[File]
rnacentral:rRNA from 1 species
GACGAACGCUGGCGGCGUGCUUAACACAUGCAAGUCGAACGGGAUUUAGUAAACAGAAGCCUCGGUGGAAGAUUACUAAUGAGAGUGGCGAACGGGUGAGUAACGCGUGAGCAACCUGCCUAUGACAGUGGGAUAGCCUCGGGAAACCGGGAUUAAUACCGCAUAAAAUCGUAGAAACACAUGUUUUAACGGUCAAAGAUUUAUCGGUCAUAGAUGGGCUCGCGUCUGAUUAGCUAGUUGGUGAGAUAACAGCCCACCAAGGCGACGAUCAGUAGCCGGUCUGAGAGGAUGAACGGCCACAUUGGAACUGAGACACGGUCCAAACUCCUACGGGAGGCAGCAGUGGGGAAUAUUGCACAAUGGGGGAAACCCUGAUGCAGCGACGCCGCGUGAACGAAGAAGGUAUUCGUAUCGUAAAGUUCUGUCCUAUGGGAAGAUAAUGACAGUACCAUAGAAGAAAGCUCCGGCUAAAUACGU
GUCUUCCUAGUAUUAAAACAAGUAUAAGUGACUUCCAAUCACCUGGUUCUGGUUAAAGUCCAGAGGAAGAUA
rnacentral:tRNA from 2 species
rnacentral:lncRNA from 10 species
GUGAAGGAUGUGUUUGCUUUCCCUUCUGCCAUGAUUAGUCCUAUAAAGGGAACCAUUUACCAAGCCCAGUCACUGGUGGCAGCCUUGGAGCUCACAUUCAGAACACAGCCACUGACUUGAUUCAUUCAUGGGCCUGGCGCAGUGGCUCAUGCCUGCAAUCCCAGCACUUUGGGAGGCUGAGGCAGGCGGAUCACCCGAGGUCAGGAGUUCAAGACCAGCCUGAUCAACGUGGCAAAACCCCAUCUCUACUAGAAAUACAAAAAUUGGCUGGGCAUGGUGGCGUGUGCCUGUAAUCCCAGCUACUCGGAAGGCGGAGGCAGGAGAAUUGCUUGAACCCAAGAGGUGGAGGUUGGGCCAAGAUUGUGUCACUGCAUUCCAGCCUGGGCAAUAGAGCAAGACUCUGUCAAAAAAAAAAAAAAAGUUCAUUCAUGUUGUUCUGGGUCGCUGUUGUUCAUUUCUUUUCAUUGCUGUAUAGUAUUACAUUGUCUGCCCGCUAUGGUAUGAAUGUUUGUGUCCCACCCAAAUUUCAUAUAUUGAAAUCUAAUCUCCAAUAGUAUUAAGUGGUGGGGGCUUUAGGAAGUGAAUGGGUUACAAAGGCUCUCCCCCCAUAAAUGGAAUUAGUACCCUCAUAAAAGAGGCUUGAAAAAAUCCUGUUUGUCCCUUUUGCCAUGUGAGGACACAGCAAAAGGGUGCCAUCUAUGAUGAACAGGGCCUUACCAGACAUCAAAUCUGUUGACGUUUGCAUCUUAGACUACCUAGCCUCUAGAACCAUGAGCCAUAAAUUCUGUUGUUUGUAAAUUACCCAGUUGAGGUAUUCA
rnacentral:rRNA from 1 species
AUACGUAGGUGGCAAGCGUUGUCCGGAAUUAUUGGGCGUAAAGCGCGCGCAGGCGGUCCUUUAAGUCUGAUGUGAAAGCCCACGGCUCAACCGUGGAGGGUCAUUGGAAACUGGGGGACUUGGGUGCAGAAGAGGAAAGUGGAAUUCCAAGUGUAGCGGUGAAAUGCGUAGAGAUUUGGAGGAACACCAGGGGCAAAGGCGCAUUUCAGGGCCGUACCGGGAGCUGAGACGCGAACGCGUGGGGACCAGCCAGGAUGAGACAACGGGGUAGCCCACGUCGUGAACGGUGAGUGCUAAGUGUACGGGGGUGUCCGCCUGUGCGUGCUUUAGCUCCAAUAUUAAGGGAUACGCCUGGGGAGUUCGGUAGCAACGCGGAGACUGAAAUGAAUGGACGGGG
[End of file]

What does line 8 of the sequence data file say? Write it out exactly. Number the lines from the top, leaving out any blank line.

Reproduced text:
AUACGUAGGUGGCAAGCGUUGUCCGGAAUUAUUGGGCGUAAAGCGCGCGCAGGCGGUCCUUUAAGUCUGAUGUGAAAGCCCACGGCUCAACCGUGGAGGGUCAUUGGAAACUGGGGGACUUGGGUGCAGAAGAGGAAAGUGGAAUUCCAAGUGUAGCGGUGAAAUGCGUAGAGAUUUGGAGGAACACCAGGGGCAAAGGCGCAUUUCAGGGCCGUACCGGGAGCUGAGACGCGAACGCGUGGGGACCAGCCAGGAUGAGACAACGGGGUAGCCCACGUCGUGAACGGUGAGUGCUAAGUGUACGGGGGUGUCCGCCUGUGCGUGCUUUAGCUCCAAUAUUAAGGGAUACGCCUGGGGAGUUCGGUAGCAACGCGGAGACUGAAAUGAAUGGACGGGG